Dill Pickle Remoulade


Remoulade originated in France as a cold sauce with some similarities to tartar sauce. It had a sharp bite with its generous inclusion of horseradish. The name remoulade came from the word for horseradish – remolat – in a dialect of French (noting that the word for horseradish in the dominant form of French is raifort).

Here in the US, there is no state more influenced by French language, culture, and cuisine than Louisiana. Louisiana or New Orleans style remoulade is different than its French progenitor, but the connection is not just in name only. Horseradish continues to be a component in the sauce and in my recipe.

I made this remoulade when one weekend I got a serious hankering for a homemade Po’ Boy sandwich. A Po’ Boy is the most iconic and popular sandwich in New Orleans and Louisiana and is also strongly influenced by French cooking. The bread is a long baguette-style bread, and a healthy spread of remoulade on the bread is essential. The main component is usually some kind of seafood and very commonly is deep fried. Shrimp is very popular but it could be fish, crawfish, oysters, crab, a combination, or even other meats like chicken fingers. In the past, there was a much wider array of varieties.

The name “Po’ Boy” has to do with the distinct New Orleans accent and a specific history which is interesting but which I won’t get into here. To check out my own fried shrimp Po’ Boy recipe (which makes generous use of this remoulade), just click here.

If you’re familiar with this site, you know I’m most insane about pickled and fermented foods, so I just had to make a remoulade with some of my very sour garlic-dill pickles I have leftover all the way from last summer (almost a year ago… I grow and make a ton every year to last me throughout the year). If you don’t have your own ferment pickles, any type of pickle you enjoy will work. Whether you like spicy dills, sweet Bread n’ Butter pickles, or one of the many pickle options you can find nowadays, these all will taste great in this recipe and just add to its distinct flavor.

The Po’ Boy I made was fried shrimp, with plenty of added pickles, and I was so happy with the outcome. I will definitely be posting that recipe soon!

In the meantime, here’s my dill pickle remoulade recipe. I’m offering it here because it is so versatile; you definitely can use it for a lot more than just a Po’ Boy. Try it as a chicken finger dipping sauce, a salad or cole slaw dressing, as a kind of white-style barbecue sauce like they use in Alabama, as a veggie dip, or as a dip for practically any other finger food. It’s also always going to be great on sandwiches. You can even add some ketchup to this recipe to make a mind-blowing Russian Dressing for a Reuben or other sandwich (not to mention a pretty aggressively flavored salad!).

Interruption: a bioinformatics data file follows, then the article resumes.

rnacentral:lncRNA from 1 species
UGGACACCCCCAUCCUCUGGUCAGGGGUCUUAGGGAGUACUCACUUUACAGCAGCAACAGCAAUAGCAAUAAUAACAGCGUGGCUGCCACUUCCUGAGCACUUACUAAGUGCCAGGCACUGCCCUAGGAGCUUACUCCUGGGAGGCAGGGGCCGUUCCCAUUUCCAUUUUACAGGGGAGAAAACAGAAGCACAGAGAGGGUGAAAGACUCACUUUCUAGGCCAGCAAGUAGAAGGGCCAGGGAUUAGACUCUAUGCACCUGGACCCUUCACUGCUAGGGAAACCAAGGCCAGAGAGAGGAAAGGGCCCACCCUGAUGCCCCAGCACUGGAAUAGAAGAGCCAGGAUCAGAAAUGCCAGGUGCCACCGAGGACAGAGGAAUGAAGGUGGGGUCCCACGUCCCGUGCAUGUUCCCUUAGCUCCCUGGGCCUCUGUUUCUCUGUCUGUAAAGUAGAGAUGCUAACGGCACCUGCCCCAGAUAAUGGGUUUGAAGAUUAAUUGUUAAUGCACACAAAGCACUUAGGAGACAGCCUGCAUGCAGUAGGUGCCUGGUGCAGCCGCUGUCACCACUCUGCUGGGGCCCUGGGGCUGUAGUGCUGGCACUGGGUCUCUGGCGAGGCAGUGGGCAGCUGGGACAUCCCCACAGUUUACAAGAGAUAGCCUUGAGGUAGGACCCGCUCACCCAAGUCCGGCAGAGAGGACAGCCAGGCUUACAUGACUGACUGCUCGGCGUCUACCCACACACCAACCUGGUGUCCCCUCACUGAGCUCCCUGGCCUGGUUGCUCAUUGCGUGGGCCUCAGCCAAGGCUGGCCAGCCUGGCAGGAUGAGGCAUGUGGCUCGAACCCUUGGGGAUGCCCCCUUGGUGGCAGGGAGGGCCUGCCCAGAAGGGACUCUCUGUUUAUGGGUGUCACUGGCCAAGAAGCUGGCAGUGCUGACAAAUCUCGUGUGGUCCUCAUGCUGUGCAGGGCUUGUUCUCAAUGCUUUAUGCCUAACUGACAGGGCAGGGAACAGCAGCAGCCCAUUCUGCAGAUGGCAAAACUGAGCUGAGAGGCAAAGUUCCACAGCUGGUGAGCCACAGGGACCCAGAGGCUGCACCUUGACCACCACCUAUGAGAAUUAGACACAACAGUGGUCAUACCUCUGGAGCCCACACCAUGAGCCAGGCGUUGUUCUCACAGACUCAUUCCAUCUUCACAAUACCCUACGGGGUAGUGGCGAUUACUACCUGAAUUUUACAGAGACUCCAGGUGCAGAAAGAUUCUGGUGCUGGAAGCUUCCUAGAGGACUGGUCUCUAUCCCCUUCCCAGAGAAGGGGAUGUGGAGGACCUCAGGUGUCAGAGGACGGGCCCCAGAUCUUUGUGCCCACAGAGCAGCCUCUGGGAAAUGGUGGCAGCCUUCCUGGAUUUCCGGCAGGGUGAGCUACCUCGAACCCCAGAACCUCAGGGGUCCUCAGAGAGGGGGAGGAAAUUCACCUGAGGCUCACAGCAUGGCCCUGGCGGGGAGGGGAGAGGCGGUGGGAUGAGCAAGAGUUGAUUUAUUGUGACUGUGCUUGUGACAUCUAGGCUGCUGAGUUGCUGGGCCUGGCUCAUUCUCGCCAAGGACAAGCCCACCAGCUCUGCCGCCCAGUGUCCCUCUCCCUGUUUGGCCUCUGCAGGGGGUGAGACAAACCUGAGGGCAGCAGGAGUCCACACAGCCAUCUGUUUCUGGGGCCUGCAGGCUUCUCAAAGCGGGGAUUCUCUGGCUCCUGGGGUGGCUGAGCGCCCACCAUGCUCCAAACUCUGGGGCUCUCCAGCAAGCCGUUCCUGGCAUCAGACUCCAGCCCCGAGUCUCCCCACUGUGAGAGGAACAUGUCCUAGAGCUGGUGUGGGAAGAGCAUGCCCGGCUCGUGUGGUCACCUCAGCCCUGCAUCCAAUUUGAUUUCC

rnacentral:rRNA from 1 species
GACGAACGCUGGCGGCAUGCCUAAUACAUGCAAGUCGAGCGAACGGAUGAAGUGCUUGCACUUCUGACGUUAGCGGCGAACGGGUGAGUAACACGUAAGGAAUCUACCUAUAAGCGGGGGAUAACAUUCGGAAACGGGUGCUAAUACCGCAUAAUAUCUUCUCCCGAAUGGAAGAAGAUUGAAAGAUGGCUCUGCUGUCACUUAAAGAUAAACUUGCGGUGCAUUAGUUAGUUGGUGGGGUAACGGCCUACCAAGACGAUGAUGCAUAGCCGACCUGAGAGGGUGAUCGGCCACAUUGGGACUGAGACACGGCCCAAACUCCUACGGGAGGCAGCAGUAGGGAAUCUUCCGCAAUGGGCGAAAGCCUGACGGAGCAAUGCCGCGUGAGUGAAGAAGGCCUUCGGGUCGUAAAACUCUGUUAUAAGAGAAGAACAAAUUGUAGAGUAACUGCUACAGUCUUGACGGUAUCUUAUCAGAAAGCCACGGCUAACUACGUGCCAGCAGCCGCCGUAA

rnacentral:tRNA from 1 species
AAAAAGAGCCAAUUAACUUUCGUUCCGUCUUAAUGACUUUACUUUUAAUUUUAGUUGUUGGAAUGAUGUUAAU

So let’s do this!

Yield: About 12 fl. oz.; enough for around six 5″ hoagies. (Halve the recipe if you don’t need that much.)

Shelf life: In a closed container in the fridge it will keep for around a month

You will need:

  • Knife & cutting board
  • Measuring cups & spoons
  • Medium mixing bowl
  • Citrus hand juice press (suggested)
  • Garlic press (suggested)
  • Whisk (suggested)
  • Storage container (e.g. 16 oz. jar)


  • 1 cup mayo (my all-natural recipe here, or use a Louisiana classic like Blue Plate or Duke’s)
  • 1/2 lemon, juiced
  • 2 cloves garlic, minced
  • 2 TBSP Creole mustard (can sub with Dijon mustard, or yellow mustard if needed)
  • 2 TBSP minced pickles
  • 2 tsp pickle brine
  • 1 TBSP prepared horseradish
  • 1 TBSP Louisiana-style hot sauce (Louisiana, Crystal, or even Tabasco are all good options); more or less to taste
  • 1 TBSP minced flatleaf parsley (or 1 tsp dried parsley)
  • 1 TBSP Worcestershire Sauce
  • 1 TBSP Cajun seasoning (or Creole seasoning which is somewhat milder and more herbal, or a combo)
  • 1 tsp smoked paprika

This is a great sauce as is, but you can also add other ingredients as desired. Minced capers are a popular option. Also, black pepper, celery seed, minced onion, and using Creole seasoning in addition to or as a sub for Cajun seasoning are all good possibilities and the sky is the limit.


1.) Prepare all the ingredients as indicated above and add to the medium mixing bowl. Whisk until all the ingredients are evenly mixed together and there is a smooth, creamy consistency. Transfer to storage container and allow the flavors to meld for at least an hour (to overnight) before serving.

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